My New Year's resolution for 2020, as written by me on Dec. 31, 2019 reads: "Be more optimistic. Look on bright side." If ever there was a year to bail on one's personal growth, this would be it, but I tend to be a girl scout about my promises—even ones that end up being patently ridiculous, like trying to develop a positive attitude during an apocalypse. Still, I persist with my own personal Silver Linings Playbook, which currently reads something like: "This COVID-19 pandemic sure has provided me with the opportunity to learn a lot about infectious disease epidemiology."
To that end, much of my week involves keeping track of the various state-provided pandemic particulars and searching out answers to questions prompted by said materials. As I receive fairly steady correspondence from folks also seeking such information, I thought I'd take this week to provide a guide to anyone looking for New Mexico data and other relevant materials. If you're reading the paper version of this column, you'll find all the links in the online version. Find all SFR's stories related to the topic at sfreporter.com/covid19.
The Daily Report
Seven days a week, usually between 3:30 and 4 pm, the state publishes a daily New Mexico COVID-19 report. This missive includes a breakdown of new cases by county; new deaths by county; total number of hospitalizations, total number of cases statewide by county and prison facilities; and a list of residential facilities with at least one case of the disease. SFR publishes this report six days as week (I take Saturdays off to wash my hair and pet the cat). You can also find these on the governor's and health department's websites (nmhealth.org).
The state health department maintains a dashboard, updated daily, through which one can dig down into county-level COVID-19 information. You can find the number of cases, recovered cases, administered tests and deaths. You can search for cases by ZIP code. You can look at the number of cases, tests and hospitalizations historically in tiny little charts. If you hover over those charts, you can also see the corresponding numbers and copy them into your own spreadsheet. There is probably some way to extract that data that is less manual, but I haven't found it yet. The dashboard also shows COVID-19 cases by gender and age, both at the county and state level. Its map view can be configured to show cases by county, ZIP code, tests performed and correctional facilities.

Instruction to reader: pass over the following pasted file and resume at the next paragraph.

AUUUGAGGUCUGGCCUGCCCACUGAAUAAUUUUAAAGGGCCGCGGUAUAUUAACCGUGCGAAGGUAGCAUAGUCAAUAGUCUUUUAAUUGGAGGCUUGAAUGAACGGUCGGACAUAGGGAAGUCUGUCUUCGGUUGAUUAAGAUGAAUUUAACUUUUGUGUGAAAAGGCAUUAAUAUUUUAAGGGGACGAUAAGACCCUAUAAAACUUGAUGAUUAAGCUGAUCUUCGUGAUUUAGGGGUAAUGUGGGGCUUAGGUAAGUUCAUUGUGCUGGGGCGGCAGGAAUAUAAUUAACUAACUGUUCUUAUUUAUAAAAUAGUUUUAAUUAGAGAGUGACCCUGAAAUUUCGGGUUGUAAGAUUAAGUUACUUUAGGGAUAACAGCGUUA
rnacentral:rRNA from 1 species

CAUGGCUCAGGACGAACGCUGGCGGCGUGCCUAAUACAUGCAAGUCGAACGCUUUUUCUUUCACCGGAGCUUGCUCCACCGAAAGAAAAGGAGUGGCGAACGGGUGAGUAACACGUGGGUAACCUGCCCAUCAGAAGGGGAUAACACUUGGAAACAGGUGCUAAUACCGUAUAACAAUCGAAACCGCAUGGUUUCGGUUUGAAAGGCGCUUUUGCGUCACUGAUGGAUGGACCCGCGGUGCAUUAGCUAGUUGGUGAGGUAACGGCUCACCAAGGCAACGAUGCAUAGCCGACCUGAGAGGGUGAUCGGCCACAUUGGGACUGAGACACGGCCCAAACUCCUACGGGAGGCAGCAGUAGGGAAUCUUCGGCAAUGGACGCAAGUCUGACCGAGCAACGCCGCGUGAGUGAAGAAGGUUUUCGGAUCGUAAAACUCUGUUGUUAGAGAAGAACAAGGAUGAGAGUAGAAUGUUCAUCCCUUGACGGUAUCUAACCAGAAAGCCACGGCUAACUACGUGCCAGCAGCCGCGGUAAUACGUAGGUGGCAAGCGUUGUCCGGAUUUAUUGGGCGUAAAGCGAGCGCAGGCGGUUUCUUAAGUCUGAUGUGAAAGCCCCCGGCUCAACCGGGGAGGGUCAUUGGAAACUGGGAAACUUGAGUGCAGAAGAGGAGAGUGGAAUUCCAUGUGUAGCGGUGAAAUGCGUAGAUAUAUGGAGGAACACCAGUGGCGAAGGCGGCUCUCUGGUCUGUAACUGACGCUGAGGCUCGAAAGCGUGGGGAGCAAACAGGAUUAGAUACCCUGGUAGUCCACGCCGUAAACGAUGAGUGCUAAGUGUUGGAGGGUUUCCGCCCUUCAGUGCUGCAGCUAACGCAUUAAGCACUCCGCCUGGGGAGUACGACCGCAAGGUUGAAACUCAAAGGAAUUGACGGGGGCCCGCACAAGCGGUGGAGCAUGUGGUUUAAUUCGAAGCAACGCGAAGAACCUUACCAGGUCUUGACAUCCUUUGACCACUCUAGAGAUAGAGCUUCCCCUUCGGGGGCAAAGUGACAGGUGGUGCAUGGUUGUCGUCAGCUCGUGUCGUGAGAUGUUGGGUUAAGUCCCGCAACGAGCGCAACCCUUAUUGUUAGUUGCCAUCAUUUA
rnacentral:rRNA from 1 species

The state's modeling team includes people from the health department, Los Alamos National Laboratory, Presbyterian Health Services and Sandia National Lab. I wrote about the modeling effort earlier this year, but in brief: The state uses an SIR model, essentially tracking susceptible, infectious and recovered cases over time. The modeling team meets on Tuesdays and generally the weekly report publishes on the state's modeling micro site by Wednesday (cvmodeling.nmhealth.org). These reports, sadly, come in PDF form (in other words, they are not interactive nor do they show real-time data) but, on the bright side, they include lots of charts! For example: They show weekly COVID-19 prevalence for New Mexico, the weekly effective transmission rate, growth rates by region, hospitalization rates, ventilator use rates and fatality rates. As a general rule, Human Services Secretary David Scrase will review the weekly modeling report at the weekly COVID-19 news conference, although he does not always review all of the charts in the report.
Speaking of that weekly news conference, it tends to occur at 3 pm on Thursdays but sometimes not. SFR always just tries to give advance warning, but following the governor on social media is probably the safest way to stay in the know. The news conferences broadcast on the governor's Facebook page and KRQE's website (and possibly other places; those are where I watch).
Tune in to one of those news conferences and you'll hear about the state's gating criteria. These are a set of objectives set by the state's Medical Advisory Team for when New Mexico can safely move to new stages of re-opening. You'll find the gating criteria as a subpage on the state's modeling microsite. The state's rate of spread and testing capacity updates on Monday, Wednesday and Friday. The state's contact tracing speed and hospital capacity updates on Tuesdays.
The state's Medical Advisory Team also maintains a repository of materials related to the pandemic, which can also be found as a submenu item on the modeling microsite. This is where you can read up on the MAT's guidance related to mask wearing, the use of the medicine remdesivir for hospitalized patients, antibody testing guidelines for healthcare providers and a slew of other scholarship for both clinicians and the public.
Rapid Response Reports
The environment department (env.nm.gov) houses information on the state's rapid response program. When an employee tests positive, a state agency deploys to the business, closes it, tests the employees and ensures COVID-safe protocols are in place. Every Monday, the environment department updates a report showing the rapid response efforts by business sector. The department also provides a daily report on which businesses have had rapid responses.